By Melissa Fossum
By Lauren Wise
By New Times
By Amanda Savage
By Jason P. Woodbury
By Troy Farah
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Check out the cover of Bella Donna, on which she's dressed like either a mummified Jenny Lind or a New Age Barbie (lithium crystals sold separately). On The Wild Heart, she's covered from head to toe in a long robe that looks as if it were borrowed from the hermit on the inside cover of Led Zeppelin IV! Say what you want about Madonna, but the Material Girl saw a marketing void and, by cracky, she filled it.
The problem with Ms. Nicks' solo albums until now is that they've all sounded like by-projects of the Fleetwood Mac albums they concurrently came out with. Most of the material feels as if it had been passed over by the band for sounding too much like "Dreams." You can almost hear John McVie saying, "C'mon, Stevie, I'd like to play some other notes besides F and G!"
Unfortunately, the band learned this valuable lesson after Tusk, for which every song she submitted bore an uncanny resemblance to Mac's only No. 1 hit. Henceforth, she would no longer keep her visions to herself.
On her first solo outings, she continued to alienate guys with more of those "women's songs." Although only Stevie and her background vocalists are ever captured for posterity on the album covers, the guys are given more than equal time in the grooves. In fact, men have played a significant hand in three of her biggest hits. Who can forget "Stop Dragging My Heart Around," on which Stevie and guest Tom Petty trade quips about how worthless Tom is? That ungrateful witch--and even after he lent her the Heartbreakers for her entire solo career. She probably doesn't even sneeze in a recording studio without Benmont Tench there to say, "Gesundheit!"
Then there was her celebrated duet "Leather and Lace" with Don Henley. Not only did they trade vocals, but they managed to sound like two Jewish tailors down on Orchard Street, swapping fabrics bolts. "Give to me six yards of your leather, Don, and take from me six yards of my lace." Oy!
Nicks' most notorious and successful coupling was with Prince. He supposedly collaborated with her on her Top 5 hit "Stand Back," but is not listed in the album credits. Perhaps he was getting in some early practice in the fine art of namelessness.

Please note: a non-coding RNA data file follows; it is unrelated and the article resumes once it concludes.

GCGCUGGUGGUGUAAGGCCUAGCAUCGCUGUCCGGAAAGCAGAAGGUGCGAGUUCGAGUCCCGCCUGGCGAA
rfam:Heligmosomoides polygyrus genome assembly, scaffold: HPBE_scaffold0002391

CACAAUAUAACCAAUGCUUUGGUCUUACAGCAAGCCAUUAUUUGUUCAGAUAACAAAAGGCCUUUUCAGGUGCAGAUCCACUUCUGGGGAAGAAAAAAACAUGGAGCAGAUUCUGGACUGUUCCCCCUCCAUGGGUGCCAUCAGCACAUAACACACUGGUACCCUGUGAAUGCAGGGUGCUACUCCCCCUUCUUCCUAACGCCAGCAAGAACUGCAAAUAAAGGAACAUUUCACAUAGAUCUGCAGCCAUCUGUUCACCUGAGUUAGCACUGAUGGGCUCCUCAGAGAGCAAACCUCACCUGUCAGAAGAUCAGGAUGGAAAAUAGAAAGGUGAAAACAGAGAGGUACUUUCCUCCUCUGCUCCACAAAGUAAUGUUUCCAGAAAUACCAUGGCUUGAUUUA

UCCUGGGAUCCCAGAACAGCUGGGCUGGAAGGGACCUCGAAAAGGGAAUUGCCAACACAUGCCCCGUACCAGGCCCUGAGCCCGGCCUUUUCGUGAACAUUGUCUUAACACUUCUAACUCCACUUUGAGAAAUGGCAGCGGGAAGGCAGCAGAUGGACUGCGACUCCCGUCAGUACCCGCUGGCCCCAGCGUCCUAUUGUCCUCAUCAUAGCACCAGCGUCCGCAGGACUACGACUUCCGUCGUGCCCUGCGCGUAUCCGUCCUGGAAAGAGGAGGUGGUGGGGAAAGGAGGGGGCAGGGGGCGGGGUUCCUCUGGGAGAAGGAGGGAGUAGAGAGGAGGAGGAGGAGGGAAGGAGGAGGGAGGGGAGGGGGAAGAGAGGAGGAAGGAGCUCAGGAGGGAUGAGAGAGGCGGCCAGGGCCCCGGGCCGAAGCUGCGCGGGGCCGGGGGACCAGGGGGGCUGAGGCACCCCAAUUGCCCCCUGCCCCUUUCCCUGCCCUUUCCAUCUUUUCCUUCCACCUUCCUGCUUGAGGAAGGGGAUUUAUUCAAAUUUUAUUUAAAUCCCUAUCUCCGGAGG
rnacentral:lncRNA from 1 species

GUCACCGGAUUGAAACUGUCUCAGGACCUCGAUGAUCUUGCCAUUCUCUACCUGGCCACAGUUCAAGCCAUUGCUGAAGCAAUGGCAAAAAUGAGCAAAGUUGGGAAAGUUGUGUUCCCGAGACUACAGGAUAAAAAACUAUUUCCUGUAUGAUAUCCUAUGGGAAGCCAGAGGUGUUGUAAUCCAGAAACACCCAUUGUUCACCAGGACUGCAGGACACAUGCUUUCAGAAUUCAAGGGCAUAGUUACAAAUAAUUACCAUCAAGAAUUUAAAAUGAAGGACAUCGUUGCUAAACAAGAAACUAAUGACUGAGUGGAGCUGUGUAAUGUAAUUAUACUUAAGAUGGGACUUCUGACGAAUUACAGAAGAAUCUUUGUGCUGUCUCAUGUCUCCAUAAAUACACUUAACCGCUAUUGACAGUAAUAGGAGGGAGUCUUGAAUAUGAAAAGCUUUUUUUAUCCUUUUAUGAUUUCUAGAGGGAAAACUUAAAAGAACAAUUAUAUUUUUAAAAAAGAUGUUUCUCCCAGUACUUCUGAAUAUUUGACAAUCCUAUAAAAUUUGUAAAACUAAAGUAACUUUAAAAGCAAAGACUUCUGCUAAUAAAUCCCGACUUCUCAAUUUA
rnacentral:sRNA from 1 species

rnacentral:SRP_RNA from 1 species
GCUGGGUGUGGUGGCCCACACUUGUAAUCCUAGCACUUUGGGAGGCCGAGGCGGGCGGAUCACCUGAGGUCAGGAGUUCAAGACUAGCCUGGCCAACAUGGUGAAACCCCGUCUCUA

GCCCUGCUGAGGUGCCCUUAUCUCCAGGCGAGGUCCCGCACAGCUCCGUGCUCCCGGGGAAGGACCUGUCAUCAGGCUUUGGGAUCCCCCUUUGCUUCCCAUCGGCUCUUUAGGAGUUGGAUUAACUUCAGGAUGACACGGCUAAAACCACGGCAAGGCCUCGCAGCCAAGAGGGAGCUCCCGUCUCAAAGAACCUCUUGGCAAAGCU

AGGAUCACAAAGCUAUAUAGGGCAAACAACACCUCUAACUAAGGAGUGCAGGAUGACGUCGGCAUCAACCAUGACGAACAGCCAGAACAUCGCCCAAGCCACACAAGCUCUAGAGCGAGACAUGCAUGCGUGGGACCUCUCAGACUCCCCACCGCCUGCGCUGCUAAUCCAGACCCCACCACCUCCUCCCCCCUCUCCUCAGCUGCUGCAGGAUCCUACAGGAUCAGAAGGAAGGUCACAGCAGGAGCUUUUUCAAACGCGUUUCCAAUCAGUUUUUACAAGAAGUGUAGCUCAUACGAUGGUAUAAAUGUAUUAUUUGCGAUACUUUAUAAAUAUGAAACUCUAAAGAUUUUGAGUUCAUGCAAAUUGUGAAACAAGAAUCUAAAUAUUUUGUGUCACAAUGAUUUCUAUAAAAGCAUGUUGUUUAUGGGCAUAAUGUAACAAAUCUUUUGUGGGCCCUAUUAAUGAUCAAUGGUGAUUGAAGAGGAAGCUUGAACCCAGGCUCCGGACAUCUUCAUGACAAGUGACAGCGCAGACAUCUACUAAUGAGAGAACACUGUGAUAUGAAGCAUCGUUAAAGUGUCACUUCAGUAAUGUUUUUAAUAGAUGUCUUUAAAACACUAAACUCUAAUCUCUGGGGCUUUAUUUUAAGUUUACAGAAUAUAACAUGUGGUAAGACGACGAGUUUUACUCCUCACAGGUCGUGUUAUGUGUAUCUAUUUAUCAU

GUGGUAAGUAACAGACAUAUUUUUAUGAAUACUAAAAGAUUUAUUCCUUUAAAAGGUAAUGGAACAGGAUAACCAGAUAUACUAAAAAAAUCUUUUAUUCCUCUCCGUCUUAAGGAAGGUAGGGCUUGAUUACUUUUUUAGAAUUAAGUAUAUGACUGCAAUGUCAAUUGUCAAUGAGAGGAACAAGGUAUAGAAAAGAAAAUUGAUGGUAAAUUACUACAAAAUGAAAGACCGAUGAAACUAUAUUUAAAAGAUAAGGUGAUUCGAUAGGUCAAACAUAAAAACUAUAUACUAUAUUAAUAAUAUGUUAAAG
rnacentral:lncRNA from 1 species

Now that Stevie has finally left Fleetwood Mac for good, her albums no longer seem like one-third of the pie served up too many times. There's a completeness and variety on Street Angel's corner. Uptempo songs. Good God Almighty, thank heavens for little uptempo songs. Promotional material accompanying this snappy new release says it hearkens back to her first two guitar-oriented solo albums. Bullshit. It's way better than those boring outings. Two songs into it, you'll hear more hooks and chord changes than on her first four solo albums combined.
If anything, Stevie has finally figured out that the key to a successful solo album is covering all the bases. She now rocks as hard as Lindsey and pops along as effortlessly as Christine. Even better, it sounds as if she's finally locked that no-good witch Rhiannon in the enchanted broom closet for good. No guest duets this time out, but everyone's favorite Wilbury, Bob "Lucky" Dylan, shows up on Stevie's kind rereading of "Just Like a Woman," which says less about Stevie's stature in the pop pantheon than it does about Bob's willingness to show up at everything from the Grammys to a car-wash opening these days. According to her bio sheet, Stevie recounts, "Bob didn't want to do anything on it--until I begged him. I told him, 'There's got to be some sort of spiritual connection. A lot of people will have never heard this song, and it's got to have you on it.'" And it does! Can Bob really believe Stevie's assertion that more people will hear this version buried near the end of her album than his hit version which still gets mucho airplay on oldies and lite-music stations? She has him under a spell, I tell you. This scary line of reasoning could easily land the gullible Mr. D a duet with Joey Lawrence on a very special episode of Blossom and ruin Dylan's ever-lapsing credibility more than a Self Portrait II would if he isn't careful. Regardless of his intentions, he doesn't sing a note, plays negligible acoustic guitar, and his harmonica is so low in the mix, it might as well be in the next life. Maybe they just left it in his mouth while he was sleeping.
If there are those of you who need one reason to care about Stevie, let "Blue Denim" sidle up to you. In 32 seconds, you'll be whooshed into a scrumptious Fleetwood Mac chorus that recalls those halcyon days of 1976. "In some ways, he'd forgotten me/In some ways, he got to me," she sings about a departed lover in easily accessible layman's terms.
Stevie sounds sexy again, like she actually has a reason to leave her bedroom filled with stuffed animals. "I'll come back to get you," she howls over yet another tasty Mike Campbell coda. This Heartbreaker has got to be rock's most uncelebrated guitar slinger, right after Lindsey Buckingham. Key word here is "tasty."